Get A Glimpse Into Conditions Filmmakers Braved To Create ‘ClimbEverestVR’

by Charles Singletary • December 22nd, 2016

Media has always been a bridge to experiences we wouldn’t otherwise be able to see, whether via text, video, or photography. 360-degree media have given us dynamic looks into many different settings that may even be dangerous, but what of the people exploring in those dire conditions?

Noel and Lynn Hanna, Northern Ireland natives currently living in South Africa, are the first couple to reach the summit of Mount Everest on both sides and serve as the guides for the upcoming ClimbEverest VR. Virtual reality filmmaker Przemek Siemion and his team withstood dangerous elements to bring us the VR experience and he spoke with Upload about the process.

Mount Everest isn’t a place where someone can traverse comfortably and is certainly not a place to inhabit for long periods of time.

“Starting from altitude that drastically limits your physical abilities – you are out of breath, way slower in movement, often with a headache,” Siemion says. “Harsh climate, extreme temperatures, strong winds – it all affects your body.”

As conditions changed on the mountain, the script they started the trip with changed too but, thankfully, Siemion says they were in good hands with their expedition leader who was responsible for making decisions that provided the best environment to proceed in.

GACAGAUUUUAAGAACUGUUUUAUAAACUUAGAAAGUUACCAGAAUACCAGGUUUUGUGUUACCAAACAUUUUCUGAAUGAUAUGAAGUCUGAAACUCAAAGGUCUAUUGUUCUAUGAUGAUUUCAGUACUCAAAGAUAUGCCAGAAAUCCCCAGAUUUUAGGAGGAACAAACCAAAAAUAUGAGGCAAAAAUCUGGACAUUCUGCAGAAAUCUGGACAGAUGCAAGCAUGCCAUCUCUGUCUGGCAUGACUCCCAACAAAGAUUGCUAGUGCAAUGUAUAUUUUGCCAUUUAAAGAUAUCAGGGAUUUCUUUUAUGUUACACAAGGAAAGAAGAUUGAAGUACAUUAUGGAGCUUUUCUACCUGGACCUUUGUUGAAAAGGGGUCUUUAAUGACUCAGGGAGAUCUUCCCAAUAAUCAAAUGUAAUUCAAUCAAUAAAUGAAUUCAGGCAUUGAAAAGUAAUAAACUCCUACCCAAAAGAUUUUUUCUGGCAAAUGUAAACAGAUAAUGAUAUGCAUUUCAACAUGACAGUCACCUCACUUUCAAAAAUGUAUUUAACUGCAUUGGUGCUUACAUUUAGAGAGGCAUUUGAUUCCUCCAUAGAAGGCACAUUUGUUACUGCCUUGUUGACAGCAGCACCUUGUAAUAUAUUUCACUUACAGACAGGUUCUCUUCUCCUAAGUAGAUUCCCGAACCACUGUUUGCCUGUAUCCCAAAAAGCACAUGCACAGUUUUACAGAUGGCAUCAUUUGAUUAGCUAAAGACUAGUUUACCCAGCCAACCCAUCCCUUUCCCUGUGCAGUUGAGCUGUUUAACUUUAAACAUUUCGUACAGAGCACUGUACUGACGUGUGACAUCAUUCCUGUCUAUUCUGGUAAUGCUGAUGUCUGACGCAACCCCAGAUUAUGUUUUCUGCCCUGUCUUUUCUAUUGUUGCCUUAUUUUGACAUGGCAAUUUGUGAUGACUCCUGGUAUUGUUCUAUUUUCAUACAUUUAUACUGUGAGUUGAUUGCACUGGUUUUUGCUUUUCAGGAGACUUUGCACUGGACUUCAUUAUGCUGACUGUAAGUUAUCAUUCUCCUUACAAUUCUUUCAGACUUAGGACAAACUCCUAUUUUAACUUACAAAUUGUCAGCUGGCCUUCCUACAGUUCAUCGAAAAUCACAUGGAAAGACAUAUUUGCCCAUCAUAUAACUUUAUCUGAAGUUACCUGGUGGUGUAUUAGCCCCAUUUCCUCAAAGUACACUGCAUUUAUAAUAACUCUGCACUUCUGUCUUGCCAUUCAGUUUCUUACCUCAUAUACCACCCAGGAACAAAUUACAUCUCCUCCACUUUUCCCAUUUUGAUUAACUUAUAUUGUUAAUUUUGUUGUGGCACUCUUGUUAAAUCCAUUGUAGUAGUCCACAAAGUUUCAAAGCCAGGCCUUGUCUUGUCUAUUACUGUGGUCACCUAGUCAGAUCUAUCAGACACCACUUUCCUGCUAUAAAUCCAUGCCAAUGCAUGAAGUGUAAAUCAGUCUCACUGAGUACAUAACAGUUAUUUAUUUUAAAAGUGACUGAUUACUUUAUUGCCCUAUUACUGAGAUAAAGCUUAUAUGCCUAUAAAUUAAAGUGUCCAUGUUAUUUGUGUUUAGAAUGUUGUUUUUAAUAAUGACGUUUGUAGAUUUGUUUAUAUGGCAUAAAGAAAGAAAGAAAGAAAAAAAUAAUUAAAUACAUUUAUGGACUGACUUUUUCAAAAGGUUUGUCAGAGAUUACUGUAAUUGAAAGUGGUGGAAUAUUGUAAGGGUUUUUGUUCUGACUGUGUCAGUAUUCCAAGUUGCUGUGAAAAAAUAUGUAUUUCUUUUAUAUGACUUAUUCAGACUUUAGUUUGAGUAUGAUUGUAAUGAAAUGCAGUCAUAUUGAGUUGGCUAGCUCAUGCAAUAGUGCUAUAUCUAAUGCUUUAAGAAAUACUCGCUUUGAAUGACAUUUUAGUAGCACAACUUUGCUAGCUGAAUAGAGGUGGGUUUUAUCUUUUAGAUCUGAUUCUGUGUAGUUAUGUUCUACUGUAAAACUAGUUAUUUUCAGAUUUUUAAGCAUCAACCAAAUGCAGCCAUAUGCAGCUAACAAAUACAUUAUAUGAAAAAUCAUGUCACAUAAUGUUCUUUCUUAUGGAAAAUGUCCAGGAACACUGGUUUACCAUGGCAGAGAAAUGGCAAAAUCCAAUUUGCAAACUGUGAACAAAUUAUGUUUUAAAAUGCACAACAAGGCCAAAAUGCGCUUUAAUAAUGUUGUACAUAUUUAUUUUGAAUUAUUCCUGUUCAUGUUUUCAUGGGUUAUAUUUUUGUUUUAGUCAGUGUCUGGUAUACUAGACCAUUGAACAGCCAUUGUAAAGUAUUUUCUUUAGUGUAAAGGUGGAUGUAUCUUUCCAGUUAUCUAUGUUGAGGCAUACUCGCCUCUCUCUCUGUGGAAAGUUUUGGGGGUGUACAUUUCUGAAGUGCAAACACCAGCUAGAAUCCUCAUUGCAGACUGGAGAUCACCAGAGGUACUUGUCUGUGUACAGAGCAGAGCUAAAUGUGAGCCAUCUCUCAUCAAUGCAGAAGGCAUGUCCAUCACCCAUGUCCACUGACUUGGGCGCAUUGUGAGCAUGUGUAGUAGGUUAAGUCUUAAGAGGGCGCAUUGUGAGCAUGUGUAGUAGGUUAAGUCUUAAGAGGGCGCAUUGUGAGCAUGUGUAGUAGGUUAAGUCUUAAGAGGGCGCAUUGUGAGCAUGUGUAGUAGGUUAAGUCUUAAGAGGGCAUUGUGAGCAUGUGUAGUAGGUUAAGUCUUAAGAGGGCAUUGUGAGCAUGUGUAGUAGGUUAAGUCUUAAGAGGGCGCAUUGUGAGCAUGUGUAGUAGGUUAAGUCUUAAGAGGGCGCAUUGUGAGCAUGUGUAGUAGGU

Though it was certainly a chore to move around and record as they wished, that didn’t stop Siemion from enjoying the trip. He said they worked through 20 hours days so that the next day is a clean slate, but also found time to appreciate the beautiful scenery he was exposed to.

“It was as if the mountain was allowing me to be there and challenging me at the same time,” he says.

Not only does the mountain present a challenge to the people attempting the climb, recording in VR requires a wealth of new tools and the audio and video equipment have to be able to withstand the harsh climate as well. Even worse, the team wasn’t able to fully test everything as some of the cameras only arrived a day before departure. Thus, the team reached new levels of flexibility and came up with the new ideas on the fly as they worked toward their goal.

The result of their hard work is scheduled to be released early 2017.

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